Coming up with costume ideas for Halloween is one of the best parts of the holiday. And many people enjoy creating and designing costumes for their kids, rather than buying them.
Growing up, my super-savvy mom used to make things for us to wear each year. One year, my sister Carrie was a gift box. My mom cut holes in a box for her head, arms, and legs, and then wrapped it in pink paper and tied a big bow around it.
The next year, my sister was a bag of jelly beans. She trick-or-treated in a large clear garbage bag filled with multicolored balloons. I was Little Red Riding Hood as a kindergartner and a punk rocker when I was in elementary school.
Unfortunately, I don't share the DIY love for homemade costumes. This year I bought my 7-month-old daughter a ladybug costume. Even though she looks adorable, I wish I loved creative handy-work like some of our Facebook and Twitter fans do. Here are some of their ideas, should you be looking for inspiration for kids' costumes you can make yourself. You can see photos here:
Mickey ice cream
We surprised the kids with a trip to Disney. Since we were attending the Halloween party there I wanted a unique costume for the kids. The thought process began with something iconic: Mickey Ice Cream! I found an image online of a retail box of ice cream and modeled my pattern after the box. I purchased a sewing machine (I haven't sewn prior to this) and some felt. I made the pattern from brown paper bags. For Minnie, I added a headband with a bow for my daughter and pipe cleaner eyelashes. In case people did not get the idea (but everyone did), I had the image I found online printed onto canvas tote bags for the kids to use as the treat bags. It was great fun to see the reaction on people's faces!
-- Kelly Mueller, East Northport
My 2-year-old daughter, Grace, loves strawberries, so her grandma made her a strawberry costume last year. She loved it so much she's wearing it again this year! -- Andrea Aldarondo, Mount Sinai
Last year my 1-year-old was "static cling." I spiked his hair up all crazy and then ironed on some socks and dryer sheets to his outfit. It was really cute! -- Denise-n-Jim Daney, Riverview, Fla., originally from Stony Brook
Super space man
I took a superman costume from the year before and used cardboard and duck tape to turn it into a space costume. It turned out to be a favorite with my son -- he wore it all the time.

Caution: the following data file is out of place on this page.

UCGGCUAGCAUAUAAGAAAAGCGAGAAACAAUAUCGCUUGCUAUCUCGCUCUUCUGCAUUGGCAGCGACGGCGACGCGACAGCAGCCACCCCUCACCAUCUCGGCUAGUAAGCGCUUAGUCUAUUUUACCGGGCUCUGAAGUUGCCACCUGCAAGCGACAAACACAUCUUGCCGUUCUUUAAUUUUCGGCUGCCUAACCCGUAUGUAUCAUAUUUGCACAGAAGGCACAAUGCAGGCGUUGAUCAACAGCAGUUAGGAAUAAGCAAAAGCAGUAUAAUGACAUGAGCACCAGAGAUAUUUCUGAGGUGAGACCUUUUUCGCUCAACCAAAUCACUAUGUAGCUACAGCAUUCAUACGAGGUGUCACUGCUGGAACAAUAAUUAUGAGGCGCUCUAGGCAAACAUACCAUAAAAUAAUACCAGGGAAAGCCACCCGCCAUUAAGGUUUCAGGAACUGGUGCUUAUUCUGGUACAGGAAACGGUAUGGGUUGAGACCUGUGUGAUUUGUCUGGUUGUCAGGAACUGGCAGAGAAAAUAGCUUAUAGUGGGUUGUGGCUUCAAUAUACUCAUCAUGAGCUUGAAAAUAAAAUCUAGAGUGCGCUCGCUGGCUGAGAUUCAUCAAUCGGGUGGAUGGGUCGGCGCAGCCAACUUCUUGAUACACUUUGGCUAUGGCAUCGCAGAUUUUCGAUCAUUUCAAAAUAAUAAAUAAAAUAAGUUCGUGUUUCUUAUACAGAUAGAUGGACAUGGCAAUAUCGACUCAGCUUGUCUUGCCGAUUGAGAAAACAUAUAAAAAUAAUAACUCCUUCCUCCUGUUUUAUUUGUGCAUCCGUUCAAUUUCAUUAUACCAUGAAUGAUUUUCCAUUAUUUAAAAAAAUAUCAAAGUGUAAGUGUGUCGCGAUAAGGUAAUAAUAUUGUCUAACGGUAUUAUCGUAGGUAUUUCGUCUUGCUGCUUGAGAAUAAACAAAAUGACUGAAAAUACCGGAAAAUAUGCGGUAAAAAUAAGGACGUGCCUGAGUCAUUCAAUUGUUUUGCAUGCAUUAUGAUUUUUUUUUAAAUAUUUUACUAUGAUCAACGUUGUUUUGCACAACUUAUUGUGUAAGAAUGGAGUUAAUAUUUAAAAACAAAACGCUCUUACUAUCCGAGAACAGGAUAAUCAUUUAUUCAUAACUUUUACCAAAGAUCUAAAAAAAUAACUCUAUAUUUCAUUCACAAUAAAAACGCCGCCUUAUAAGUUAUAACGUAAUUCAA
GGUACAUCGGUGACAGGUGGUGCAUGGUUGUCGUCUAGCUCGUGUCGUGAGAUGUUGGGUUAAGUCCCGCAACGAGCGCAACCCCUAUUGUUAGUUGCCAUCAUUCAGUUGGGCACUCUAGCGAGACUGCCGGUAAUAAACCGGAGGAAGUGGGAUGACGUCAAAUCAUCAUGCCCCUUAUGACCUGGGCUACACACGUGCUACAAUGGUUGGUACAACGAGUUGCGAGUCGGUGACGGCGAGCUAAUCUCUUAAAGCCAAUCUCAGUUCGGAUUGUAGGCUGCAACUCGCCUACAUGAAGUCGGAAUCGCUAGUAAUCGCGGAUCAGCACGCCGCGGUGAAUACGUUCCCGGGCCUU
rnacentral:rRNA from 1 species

-- Bettie Meinel, Huntington
A few years back, I turned my son Jamie's wheelchair into a bulldozer . . . complete with a candy bag underneath. -- Ross Goldberg, Holbrook
White cat, dinosaur, pirates
Through the years I've made numerous costumes for my kids. My daughter, Casey, was a white cat one year and an Indian another. My son, Ryan, was a cowboy and a dinosaur in past years. One year they were both pirates. -- Michelle Nickerson, Pinelawn
Alphabet Man and Punctuation Boy
I love homemade costumes. They are as fun for me to make as they are for my boys to wear. My 5-year-old, Keith, has special needs. He doesn't really like masks or fuzzy costumes, so I make most of his out of easy-to-use materials that are also comfortable to wear. He loves the alphabet, so one year I made him a superhero: Alphabet Man. His baby brother, Graham, was Punctuation Boy. Another year, Graham was James Bond. I put him into a tux, and made a little "milk martini" by putting some tissue paper into a plastic martini glass, and he carried some spy gear. -- Melissa Phipps, via Facebook
I made a Tarzan costume for my son, Carmine, when he was 16 months. I made it from one yard of fabric that I purchased at Walmart, and sewed it by hand down to the little hand cuff and shoe muffs. I added the shark tooth necklace and everyone thought he looked so cute. -- Jennifer Lania, Bay Shore
My mom made my brother a milk carton out of a big cardboard box! She painted it white with red lettering. -- Cheryl Foos, via Facebook
I made a "Squirtle" costume for my daughter who is an avid Pokemon fan. -- Diane Casamassina-Stevens, Farmingville
Psst, you need a . . .
I made costumes for my daughter over the years. Nothing fancy and required little to no sewing. A few examples were a pirate, Sandy the Squirrel from SpongeBob, a clown and a bunch of grapes. But my favorite was the shady salesman, complete with all kinds of small toys pinned inside the trench coat and a line of toy watches up her arm. -- Lisa Zbar Watson, Southampton
A hoot of a costume
When my son, now 42, was in first grade, I cut out and sewed fabric "leaves" onto a plain hooded jacket to make him a fall tree. He won for being an owl, LOL. -- Martha Rowan, East Rockaway
A skeleton in stitches
I took a jointed cardboard skeleton wall decoration, disassembled it, then sewed each bone section onto a black hooded sweatshirt and sweatpants. I painted his face to look like a skeleton, it was awesome looking! -- Sharon Jacobs, Wantagh
Yes, I knitted a pumpkin costume for my son when he was little. It came out amazing and I still have it! -- Jennifer Harper Robidas, via Facebook
Angry Bird, no matter
If my grandson's back-ordered Angry Bird costume doesn't arrive in time, I'll be sewing one for him from instructions I've found online.
-- Carol Kosark Southard, via Facebook
Dig deep for inspiration
It's amazing what you can create rummaging in your drawers and closets! -- Linda Goehner Perry, Upper Arlington, Ohio
Tooth fairy transformation
One year I took my older daughter's ballet costume, added wings and strung toothbrushes onto the skirt. I gave her a tooth cutout on a star wand, then added a cardboard tooth to a plastic tiara and she went as the "Tooth Fairy." I also made a bat costume for my other daughter, cutting a black umbrella in half and sewing each half to a black leotard or a turtleneck to make the wings, cut ears out of oak-tag and attached to a black headband. -- Lindsay Charles, Valley Stream